With coronavirus cases rising significantly among the unvaccinated, Los Angeles County has restored a mask mandate for in indoor public spaces.
L.A. County becomes the first health agency in California to again require mask wearing inside public settings — a recognition of the sharp jump in cases over the last week.
Here are the basic details:
Yes, masks will soon be required in public indoor spaces regardless of whether you are vaccinated.
Officials stress that vaccines offer strong protection against COVID-19 infections, even the aggressive Delta variant.
The majority of new cases are among those who have not been inoculated. Between Dec. 7 and June 7, the unvaccinated have accounted for 99.6% of L.A. County’s coronavirus cases, 98.7% of COVID-19 hospitalizations and 99.8% of deaths.
But officials suspect that unvaccinated people have stopped wearing masks despite a longstanding order that they continue to do so in many places.
As a result, officials hope the new order will cause everyone to wear masks indoors — which they hope will slow the spread of the virus.
The new health order goes into effect at 11:59 p.m. Saturday everywhere in Los Angeles County, except for Long Beach and Pasadena, which have their own health departments.
Both cities have already recommend that everyone, regardless of vaccination status, wear masks in indoor public settings. Sacramento and Yolo counties have also made the same recommendation.
Public indoor spaces will be affected, such as theaters, stores, public venues and shopping malls. The mask rules will essentially revert back to where they were before the county lifted them before the June 15 reopening. At that time, some retailers dropped their mask rules.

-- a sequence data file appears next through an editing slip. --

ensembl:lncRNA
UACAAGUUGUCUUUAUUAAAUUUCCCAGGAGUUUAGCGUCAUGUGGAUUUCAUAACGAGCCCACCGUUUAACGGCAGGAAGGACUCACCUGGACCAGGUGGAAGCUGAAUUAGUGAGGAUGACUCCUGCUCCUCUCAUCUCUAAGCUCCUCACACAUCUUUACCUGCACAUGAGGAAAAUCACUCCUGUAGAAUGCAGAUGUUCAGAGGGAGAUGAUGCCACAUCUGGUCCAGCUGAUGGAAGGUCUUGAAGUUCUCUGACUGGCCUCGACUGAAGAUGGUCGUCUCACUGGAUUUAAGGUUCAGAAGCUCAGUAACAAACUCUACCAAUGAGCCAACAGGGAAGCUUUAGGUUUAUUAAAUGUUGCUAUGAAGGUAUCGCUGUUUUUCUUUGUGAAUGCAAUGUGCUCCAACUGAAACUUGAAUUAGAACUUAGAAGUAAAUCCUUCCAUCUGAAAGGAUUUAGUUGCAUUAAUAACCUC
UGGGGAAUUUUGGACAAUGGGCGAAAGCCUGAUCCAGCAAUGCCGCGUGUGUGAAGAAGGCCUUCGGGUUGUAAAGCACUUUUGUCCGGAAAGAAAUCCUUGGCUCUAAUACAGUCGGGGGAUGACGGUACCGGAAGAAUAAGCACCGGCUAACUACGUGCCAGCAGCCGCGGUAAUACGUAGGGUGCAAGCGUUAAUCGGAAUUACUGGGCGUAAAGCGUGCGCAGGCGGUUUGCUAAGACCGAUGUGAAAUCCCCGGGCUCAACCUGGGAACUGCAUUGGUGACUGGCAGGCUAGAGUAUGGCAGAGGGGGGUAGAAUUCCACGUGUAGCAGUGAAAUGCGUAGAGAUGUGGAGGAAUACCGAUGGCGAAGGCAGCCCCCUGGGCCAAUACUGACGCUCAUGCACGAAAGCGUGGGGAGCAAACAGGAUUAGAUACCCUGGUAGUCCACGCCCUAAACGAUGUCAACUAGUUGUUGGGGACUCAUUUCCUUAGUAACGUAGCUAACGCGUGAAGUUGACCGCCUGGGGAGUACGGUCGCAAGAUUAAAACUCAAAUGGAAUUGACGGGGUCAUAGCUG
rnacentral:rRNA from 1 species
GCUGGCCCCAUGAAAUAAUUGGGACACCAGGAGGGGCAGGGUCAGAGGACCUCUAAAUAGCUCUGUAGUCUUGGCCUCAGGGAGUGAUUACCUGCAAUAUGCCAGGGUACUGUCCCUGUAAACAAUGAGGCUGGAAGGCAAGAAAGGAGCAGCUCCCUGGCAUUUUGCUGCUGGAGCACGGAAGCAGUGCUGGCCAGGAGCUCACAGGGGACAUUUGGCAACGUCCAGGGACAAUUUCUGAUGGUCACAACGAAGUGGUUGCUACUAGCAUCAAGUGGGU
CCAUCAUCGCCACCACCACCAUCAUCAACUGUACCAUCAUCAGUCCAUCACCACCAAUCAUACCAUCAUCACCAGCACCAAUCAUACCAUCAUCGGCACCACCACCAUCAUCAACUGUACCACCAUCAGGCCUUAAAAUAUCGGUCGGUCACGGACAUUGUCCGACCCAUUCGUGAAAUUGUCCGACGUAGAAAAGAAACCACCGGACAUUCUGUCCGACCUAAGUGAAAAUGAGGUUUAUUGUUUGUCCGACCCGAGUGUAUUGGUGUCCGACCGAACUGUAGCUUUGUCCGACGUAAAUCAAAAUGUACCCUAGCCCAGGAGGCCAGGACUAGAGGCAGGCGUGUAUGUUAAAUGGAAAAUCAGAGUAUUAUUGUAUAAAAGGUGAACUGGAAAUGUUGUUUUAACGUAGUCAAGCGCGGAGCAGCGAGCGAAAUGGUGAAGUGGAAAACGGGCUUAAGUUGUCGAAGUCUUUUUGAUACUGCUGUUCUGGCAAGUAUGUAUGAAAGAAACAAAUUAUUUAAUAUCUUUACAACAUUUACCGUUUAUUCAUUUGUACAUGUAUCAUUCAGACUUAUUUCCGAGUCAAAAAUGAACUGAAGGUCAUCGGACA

The order will continue to allow operations of indoor restaurant dining, but it requires people to keep their masks on while they order and while they’re waiting for food.
No. The order does not require a reduction in business capacity or a return to mandatory physical distancing.
L.A. County has seen a steep increase in coronavirus cases of late. During the weeklong period that ended Wednesday, the county reported an average of 1,077 new cases each day — a 261% hike from two weeks prior, according to data compiled by The Times. On Thursday, officials reported 1,537 additional cases.
An uptick in cases, combined with the presence of the highly infectious Delta variant of the coronavirus, was behind L.A. County’s urging in late June that all residents wear masks in public indoor spaces. But conditions have worsened since then.
In recent days, the U.S. Centers for Disease Control and Prevention classified L.A. County as having “substantial” community transmission of the coronavirus, the second-worst level in a four-category scale.
Times data show that 51.8% of all Californians are fully vaccinated to date, though wide regional gaps persist.
In San Diego County, it’s 57%; in Orange County, 54.7%; and in L.A. County, 52.2%.
The rates are much lower in Riverside County (42.1%) and San Bernardino County (39.2%).
But all those counties, as well as the state as a whole, remain short of the vaccine coverage believed necessary to achieve “herd immunity” against the coronavirus — when the sustained transmission of the virus is interrupted. Estimates for that threshold generally range from 70% to 85%.
And given how significantly the vaccination pace has slowed, some of the state’s most populous counties may take months to reach that level — if they ever do.
By contrast, the San Francisco Bay Area has done much better with vaccinations. San Francisco has reported 68.9% of its residents fully vaccinated; Santa Clara County, Northern California’s most populous, has 67.4% of its population fully vaccinated. Those counties so far have reported relatively stable hospitalization rates, unlike Southern California, where hospitalizations are up.
Time will tell.
L.A. County health officer Dr. Muntu Davis characterized universal indoor masking as one of the more effective ways to curb the spread of the virus without interrupting operations at businesses and venues — most of which were able a month ago to shed coronavirus-related restrictions.
But, he acknowledged, further intervention could be necessary if conditions deteriorate.
“Anything is on the table if things continue to get worse, which is why we want to take action now,” he said. “We’re not where we need to be for the millions at risk of infection here in Los Angeles County, and waiting to do something will be too late given what we’re seeing now,”